I wish that I could tell you that it was all an experiment, as an insight into the human condition, or at least as research for this article, but I can’t. The truth is I began to watch it of my own free will. Sure, I stumbled onto it quite by accident, but it was my decision not to change the channel, and further, to tune in every time it aired, which meant, at times, three nights a week. What am I talking about? Why, American Idol, of course. Could I have made the excuse that the batteries in the remote ran out and I had broken my hip as I tripped over my complete works of Dostoevksy collection on my way to change the channel on the set? I suppose. But alas no, I am a weak man, and as Bart Simpson would say, I folded faster than Superman on laundry day.
There I was, waiting for Lost to air on a Wednesday night when I landed on a show that I had shunned for four years straight (and frankly, proud of it), American Idol. On any other night, I would have simply skipped past the channel, but this night was different. After a long day at work, I was exhausted. So, as I lay like a lump in my favorite chair, I decided, if that word is even adequate, to watch. This was not an easy decision, however. I hate reality shows and everything they represent.
Watching a gaggle of yokels vie for meaningless prizes when their real purpose is simply to be on television is mind numbing. I would literally rather watch a Starship Troopers marathon than be subjected to most of the reality shows on TV. I mean, really, things would have to escalate to the point of the imminent danger of honest to goodness loss of limbs or death on Survivor for me to tune in again. The Apprentice combines most of the things I find evil about the world into one hour-long weekly show: corporations, kissing ass, reality shows and Donald Trump. Wife Swap? I’m not even touching that one. The biggest problem I have with reality shows is their exploitive nature. The bonus for Idol is that its contestants, at least the finalists, have some kind of talent.
The show boasts that they are finding America’s `undiscovered’ talent. I suppose that in some cases there’s a reason for that. Out of the four winners and as many runners-up, only Kelly Clarkson and Clay Aiken have done anything significant with their sudden fame, though last year’s winner, Carrie Underwood, is catering towards the Bible Belt country-lovin’ red states with “Jesus, Take the Wheel,” and has a load of award nominations for her debut album. (Yes, I have done some research). But for the most part, the songs that these people sing are (gasp!) karaoke material. Walk into any bar with one of those oversized `Mr. Microphones’ and you’re bound to find someone just like one of the Idol contestants. In a way, the show is one big karaoke night sans the inhibition reducing effects of the requisite alcoholic beverages that usually accompany them (unless you’re a judge, more on that later).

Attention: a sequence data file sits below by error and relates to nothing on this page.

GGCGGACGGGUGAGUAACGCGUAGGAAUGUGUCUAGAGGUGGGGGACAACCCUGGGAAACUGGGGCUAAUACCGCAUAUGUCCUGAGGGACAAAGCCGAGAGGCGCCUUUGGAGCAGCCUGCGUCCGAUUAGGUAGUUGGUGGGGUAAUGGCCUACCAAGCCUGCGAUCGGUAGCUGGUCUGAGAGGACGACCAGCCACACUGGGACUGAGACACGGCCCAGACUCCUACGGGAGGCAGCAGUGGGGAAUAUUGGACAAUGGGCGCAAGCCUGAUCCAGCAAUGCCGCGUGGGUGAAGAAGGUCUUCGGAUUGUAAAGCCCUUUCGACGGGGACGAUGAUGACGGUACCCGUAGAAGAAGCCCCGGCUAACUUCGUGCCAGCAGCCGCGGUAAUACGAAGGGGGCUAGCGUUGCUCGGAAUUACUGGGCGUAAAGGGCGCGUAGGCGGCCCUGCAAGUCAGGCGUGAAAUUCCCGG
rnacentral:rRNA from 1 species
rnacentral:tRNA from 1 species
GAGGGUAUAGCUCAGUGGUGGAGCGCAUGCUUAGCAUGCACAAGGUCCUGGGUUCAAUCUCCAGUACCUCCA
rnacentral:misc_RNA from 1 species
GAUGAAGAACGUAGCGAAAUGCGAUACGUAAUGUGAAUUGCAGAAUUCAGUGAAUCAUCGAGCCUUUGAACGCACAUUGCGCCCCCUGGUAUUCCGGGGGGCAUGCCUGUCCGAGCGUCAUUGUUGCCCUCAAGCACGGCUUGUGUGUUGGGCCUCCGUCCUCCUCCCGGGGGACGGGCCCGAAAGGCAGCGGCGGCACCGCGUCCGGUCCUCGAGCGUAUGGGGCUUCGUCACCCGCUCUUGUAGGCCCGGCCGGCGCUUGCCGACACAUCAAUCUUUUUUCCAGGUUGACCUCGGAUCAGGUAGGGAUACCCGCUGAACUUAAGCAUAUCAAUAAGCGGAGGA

Contestants belt out songs that both the judges and America want to hear, as they say on the show, “singers’ songs.” Not many indie acts that we like have `classic’ mainstream voices. While we all may like the Cure, Interpol, Depeche Mode and Clap Your Hands Say Yeah, they don’t exactly have classic vocal ranges. That’s not to say they’re not good, just not traditional. In recent years, the show has tried to get a few contestants who can `rock’ rather than just sing, as a shot in the arm to regular litany of Mariah, Whitney, Luther, etc., but that form of `rock’ is still fairly mild, and is still under the same `singers’ songs’ restraint as the rest. In watching the show, I felt that it was time for someone to add a jolt of `the shock of the new.’ Of course, in order to formulate my master plan of the `invasion of the indie,’ I had to keep watching. Convenient, eh?
A reported 92,000 people auditioned for this year’s show. That’s a whole lot of people out there convincing themselves that they have any kind of vocal talent. Absolutely there are some people who know they are a joke and are merely trying to get their two minutes on television, (William Hung, I’m looking squarely in your direction. You owe every person in America their fifteen minutes back) but for the most part, I believe that there are too many people who actually believe they can sing. Thankfully, for those people, there is Simon Cowell. For, in a way, he is not only helping them to stop deluding themselves, he is also saving us from the torture these people bring. We’ve all heard that person at work or school who continually sings even though they sound like thoroughly beaten harp seals. (Sorry, Sir Paul)
Speaking of which, not to get too sidetracked, but in all honesty, Simon Cowell is the reason most people tune in and will continue to watch. Randy’s overuse of clichés and namedropping gets tiresome, host Ryan Seacrest is essentially a smarmy one-dimensional spokesmodel, and Paula, well, she’s dumber than a sack of hammers. When she can actually get through sentences without drooling all over the attractive men, she uses the same limited vocabulary from show to show. Both Randy and Paula are too easy on most of the contestants based on a `likeability’ factor. Heck, I like my cat, but that doesn’t mean she should be a star. Besides, she won’t sit still for manicures. Simon is usually right on the money in his assessments. What most people take for `meanness’ is really just outright honesty. So where was I?